Companies decide to include edge computing technology in their network architecture due to the number of benefits it offers. There is something for everyone, from real-time AI data analysis and improved application performance to significantly reduced operational expenses and planned downtime.

Technologies enabling Edge Analytics:

Edge Computing with Multiple Access

Multi-access Edge Computing or MEC is an architecture that allows for computing and storage resources inside a radio access network (RAN). The MEC contributes to increased network efficiency and content delivery to end-users. This device can adjust the load on the radio connection to enhance network efficiency and reduce the need for long-distance backhauling.

Internet of Things

The idea of the Cloud of Things (CoT) is still in its early stages, but it has many potentials. All computing power in a Cloud of Things is obtained from the extreme edge at the end-user.

We all have powerful gadgets in our hands, such as industrial tablets, smartphones and Internet of Things (IoT) devices in our plants. These gadgets are often underused. Although IoT devices currently have limited computing capacity, many modern devices are very powerful.

Using mobile or IoT enabled devices, cloud services may be provided directly at the edge. These devices may be coordinated to provide edge cloud services. For example, a vehicle traveling through traffic may transmit traffic warning alerts to others and re-arrange alternative routes without user involvement.

The idea of the Cloud of Things is akin to that of fog computing. All IoT devices in a CoT form a virtualized cloud infrastructure. All computing in the CoT is done by the IoT devices themselves, which are shared resources.

Fog Computing

Fog computing, fog networking, or simply “fogging” refers to dispersed computer architecture. It brings cloud computing (data centers) to the network’s edge while also locating data, storage, and applications in a logical and efficient location. This location occurs between the cloud and the data source and is often referred to as being “out in the fog.”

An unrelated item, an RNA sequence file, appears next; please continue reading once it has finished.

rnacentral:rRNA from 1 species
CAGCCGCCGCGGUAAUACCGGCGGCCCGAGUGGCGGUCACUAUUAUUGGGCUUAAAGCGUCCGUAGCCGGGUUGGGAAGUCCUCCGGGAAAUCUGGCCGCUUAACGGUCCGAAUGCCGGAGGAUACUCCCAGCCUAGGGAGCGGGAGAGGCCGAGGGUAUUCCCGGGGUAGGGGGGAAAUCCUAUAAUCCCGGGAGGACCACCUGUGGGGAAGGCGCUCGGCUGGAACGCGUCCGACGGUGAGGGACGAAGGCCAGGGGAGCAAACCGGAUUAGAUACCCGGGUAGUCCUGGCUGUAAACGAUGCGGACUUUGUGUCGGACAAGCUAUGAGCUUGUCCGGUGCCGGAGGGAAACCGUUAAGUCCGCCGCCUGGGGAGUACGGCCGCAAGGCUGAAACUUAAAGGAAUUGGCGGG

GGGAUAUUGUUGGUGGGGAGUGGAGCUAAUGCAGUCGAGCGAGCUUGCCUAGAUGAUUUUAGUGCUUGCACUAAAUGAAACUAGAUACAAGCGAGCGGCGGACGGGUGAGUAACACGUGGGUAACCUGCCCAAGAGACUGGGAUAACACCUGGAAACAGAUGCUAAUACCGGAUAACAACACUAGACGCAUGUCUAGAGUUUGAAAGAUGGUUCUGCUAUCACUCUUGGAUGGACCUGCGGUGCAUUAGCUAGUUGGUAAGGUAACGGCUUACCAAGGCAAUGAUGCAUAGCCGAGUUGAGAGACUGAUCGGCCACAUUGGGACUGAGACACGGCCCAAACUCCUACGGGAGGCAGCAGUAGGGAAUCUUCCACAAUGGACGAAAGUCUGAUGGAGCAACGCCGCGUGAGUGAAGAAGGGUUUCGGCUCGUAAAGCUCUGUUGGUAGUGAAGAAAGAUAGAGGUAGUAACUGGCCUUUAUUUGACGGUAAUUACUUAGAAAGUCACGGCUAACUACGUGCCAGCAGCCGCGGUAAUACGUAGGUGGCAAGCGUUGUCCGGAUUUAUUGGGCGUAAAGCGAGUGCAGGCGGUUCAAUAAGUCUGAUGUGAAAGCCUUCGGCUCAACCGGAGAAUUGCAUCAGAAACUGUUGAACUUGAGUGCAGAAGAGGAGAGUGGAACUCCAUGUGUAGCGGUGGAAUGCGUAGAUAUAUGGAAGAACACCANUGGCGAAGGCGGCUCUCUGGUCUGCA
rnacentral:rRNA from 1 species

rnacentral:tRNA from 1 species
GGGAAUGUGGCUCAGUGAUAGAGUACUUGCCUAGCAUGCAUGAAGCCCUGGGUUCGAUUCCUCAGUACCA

Future of edge analytics

Edge computing has gained traction because it provides an efficient answer to growing network issues connected to transferring massive amounts of data that today’s businesses generate and consume. It’s not simply a matter of quantity. It’s also an issue of time; applications rely on processing and responses that are becoming more time-critical.

According to projections, there will be 21.5 billion linked IoT devices globally by 2025. Consider if half of them could do computational work for other devices and services. This massive, linked computer network would be especially useful for smart manufacturing.

Conclusion

Edge analytics is a burgeoning area, with companies in the Industrial Internet of Things (IIOT) industry increasing their investments every year. Leading OEM and suppliers are actively spending in this rapidly growing industry. Edge analytics offers real business benefits by decreasing decision latency, scaling out analytics resources, addressing bandwidth problems, and cutting expenditures in industries such as retail, manufacturing, energy, and logistics.

Utthunga’s expertise in edge analytics and edge computing along with IIoT technologies enables organizations to scale their processing and analytics capabilities exponentially. Contact us for your edge analytics requirements to leverage the real-time business insights from the edge.